Cancer and genetics – Cancer 4

By Jason Fung, MD

The prevailing theory of cancer, accepted by practically all the oncologists and researchers in the world, over the last 5 decades is that cancer is a genetic disease. This is termed the somatic mutation theory (SMT), which theorizes that a cell develops mutations that allow it to become cancerous. This requires multiple ‘hits’. That is, a single mutation is rarely sufficient to provide a normal cell everything it needs to become cancerous. For example, a normal breast cell may develop a mutation that allows it to grow, but it needs other mutations to escape detection by the immune system, grow blood vessels etc. So it needs multiple mutations to become a problem cancer.

So the basic theory of SMT is that

  1. Cancer is derived from a single cell that has accumulated multiple DNA mutations
  2. Normally, cells don’t grow all that quickly.
  3. Cancer is caused by mutations in the genes that control cell proliferation and growth

This is the basic theory I was taught in medical school. This is the prevailing paradigm of cancer, which essentially colors how all data is interpreted. If you get the paradigm wrong, everything else that follows is wrong. Just as in nutrition and obesity – if you follow the ‘calorie’ paradigm, then everything is interpreted in the view of calories. Get that wrong, and you get the current obesity epidemic.

In 1971, US President Richard Nixon declared war on cancer. This was his ‘moon shot’ even if he didn’t call it that (Joe Biden would be more explicit and call it that). The amount of resources poured into understanding cancer over these last 45 years is staggering. Yet we are no closer to a cure than we were in 1971. Sad, but true. The only way to have such a crappy, crappy result is to start from the wrong paradigm.

So, while there have been major advances in understanding cancer at a genetic and molecular level, there is little good news on the clinical front, with a few exceptions, such as in certain leukemias. This success has elevated genes to a special revered status in the public perception of cancer. This translates into research funding to tackle the genetic basis, such as The Cancer Genome Project, all of which takes our ‘eye off the ball’ with regards to other factors equally important for cancer development. It’s a distraction. In fact, the relatively minor importance of genetic factors in common cancers is plainly evident to see.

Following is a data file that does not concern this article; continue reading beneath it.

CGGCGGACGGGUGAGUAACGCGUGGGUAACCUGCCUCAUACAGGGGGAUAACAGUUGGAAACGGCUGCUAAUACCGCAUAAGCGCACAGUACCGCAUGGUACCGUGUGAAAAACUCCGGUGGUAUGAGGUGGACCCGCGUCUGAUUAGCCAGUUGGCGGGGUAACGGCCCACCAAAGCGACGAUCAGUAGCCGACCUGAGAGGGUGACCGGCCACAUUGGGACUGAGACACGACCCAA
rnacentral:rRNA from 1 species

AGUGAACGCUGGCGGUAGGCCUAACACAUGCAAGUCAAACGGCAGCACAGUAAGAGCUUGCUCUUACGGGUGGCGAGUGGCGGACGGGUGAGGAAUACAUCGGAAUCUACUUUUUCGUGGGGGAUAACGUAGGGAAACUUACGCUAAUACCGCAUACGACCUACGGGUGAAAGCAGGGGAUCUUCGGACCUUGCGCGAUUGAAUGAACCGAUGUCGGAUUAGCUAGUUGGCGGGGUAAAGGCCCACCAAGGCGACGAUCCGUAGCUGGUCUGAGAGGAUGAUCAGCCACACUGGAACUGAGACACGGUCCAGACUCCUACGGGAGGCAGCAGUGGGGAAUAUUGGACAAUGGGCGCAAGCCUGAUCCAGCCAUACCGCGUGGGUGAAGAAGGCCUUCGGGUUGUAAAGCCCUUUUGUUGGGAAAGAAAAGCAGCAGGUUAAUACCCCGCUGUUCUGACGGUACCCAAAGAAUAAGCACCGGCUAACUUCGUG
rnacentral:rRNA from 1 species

The clearest evidence against a predominantly genetic basis for cancer comes from twin studies. Identical twins share identical genes, but and also share similar environmental influences if brought up together. Fraternal twins only share 50% genetic material on average, the same as any siblings. By comparing these two groups, you can get an idea of how important genetic factors are to the development of common cancers such as breast, colorectal, prostate etc. Luckily, in Sweden, Denmark and Finland, they keep registries of these twins and data on 44,788 pairs of twins were reviewed. The effects were defined as genetic, shared environment (eg. passive smoking, similar diets) and non-shared environment (eg. occupational exposure, viral infections).

The overwhelming majority of the risk in the causation of cancer is NOT genetic. This holds true even for breast cancer where we often think of the BRCA1 gene as a ‘breast cancer death sentence’. In fact, this only accounts for an underwhelming 27% of risk. This holds true for all cancers. For most cancers the attributable risk is only 20-30%. Environmental risk factors accounts for the majority of risk in all cases of cancer.

This is clear from migration studies. As we previously saw, the risk of breast cancer in a Japanese woman in Hawaii is far higher than that of a Japanese woman in Japan. Clearly, the genetics are identical but the environment is not. The overwhelming problem is environment.

In 2004, in the New England Journal of Medicine, Dr. Willett, from Harvard, published a small article noting the rising incidence of breast cancer in Japan. From 1946 to 1970, the incidence of breast cancer more than doubles. That might be interesting, although by itself you might believe it to be the effect of Enola Gay’s fiery kiss (the atomic bomb). But what is fascinating is that increased height is consistently associated with increased risk of breast cancer. What’s the link?